On some level, everyone knows that their online lives are monitored. The United States has even passed legislation allowing the government to actively monitor private citizens in the name of national security. These measures have revived a debate about what information can be gathered and why. This debate applies on a smaller scale as well because companies need to consider what information to collect from their employees. This issue invokes a question of consent. Do people know what information is being monitored? Do they have a right to know how their data is being used?

4.      Security Liability

In the past, security issues were resolved by locking a door. Digital security is much more complicated. Security systems for digital networks are computerized in order to protect vital information and important assets. However, this increased security comes with increased surveillance. All security systems have inherent risks, which mean it is a question of what risks are acceptable and what freedoms can be forfeited. Ultimately, IT professionals need to balance risk with freedom to create a security system that is effective and ethical at the same time.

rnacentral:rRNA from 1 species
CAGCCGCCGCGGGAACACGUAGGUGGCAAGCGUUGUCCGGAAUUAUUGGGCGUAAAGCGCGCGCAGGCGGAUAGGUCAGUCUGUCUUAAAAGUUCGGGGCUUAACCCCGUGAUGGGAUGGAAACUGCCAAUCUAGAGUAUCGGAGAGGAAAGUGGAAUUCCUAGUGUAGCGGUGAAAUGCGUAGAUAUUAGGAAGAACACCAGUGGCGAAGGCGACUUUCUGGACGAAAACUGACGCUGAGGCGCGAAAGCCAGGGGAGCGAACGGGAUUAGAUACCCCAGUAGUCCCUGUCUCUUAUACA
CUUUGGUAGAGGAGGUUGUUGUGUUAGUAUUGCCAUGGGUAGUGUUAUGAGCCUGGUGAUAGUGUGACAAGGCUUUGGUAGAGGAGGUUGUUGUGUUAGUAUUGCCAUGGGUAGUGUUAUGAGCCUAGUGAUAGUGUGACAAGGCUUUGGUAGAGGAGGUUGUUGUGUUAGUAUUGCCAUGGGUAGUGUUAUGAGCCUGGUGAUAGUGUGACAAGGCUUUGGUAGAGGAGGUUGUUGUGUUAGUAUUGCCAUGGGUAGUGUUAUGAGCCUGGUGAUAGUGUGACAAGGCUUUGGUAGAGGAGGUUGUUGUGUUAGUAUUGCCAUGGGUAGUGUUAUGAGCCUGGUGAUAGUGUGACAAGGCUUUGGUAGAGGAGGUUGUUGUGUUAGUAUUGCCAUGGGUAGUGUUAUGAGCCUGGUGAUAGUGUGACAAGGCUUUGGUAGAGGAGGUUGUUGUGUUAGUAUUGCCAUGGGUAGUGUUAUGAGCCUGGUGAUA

5.      Access Costs

Net neutrality has become a trendy issue thanks to legislative efforts in the last few years. The issue of net neutrality is essentially a question of access. Proponents want the Internet to remain open to everyone while some businesses want to create tiered access for those who are willing to pay. The issue even extends to private Internet usage since the cost of service in some areas may be cost prohibitive. The larger ethical question is whether or not digital exchange is now a universal right. The cost of access can impede business growth, entrepreneurial spirit and individual expression.

These issues are essential for everyone, but they carry extra weight for those who work with information technology. It is important to remember that working with technology is not separated from ethical contexts but can actually help define a regulatory and ethical code for generations to come. [confer: Legal and Ethical Issues in IT.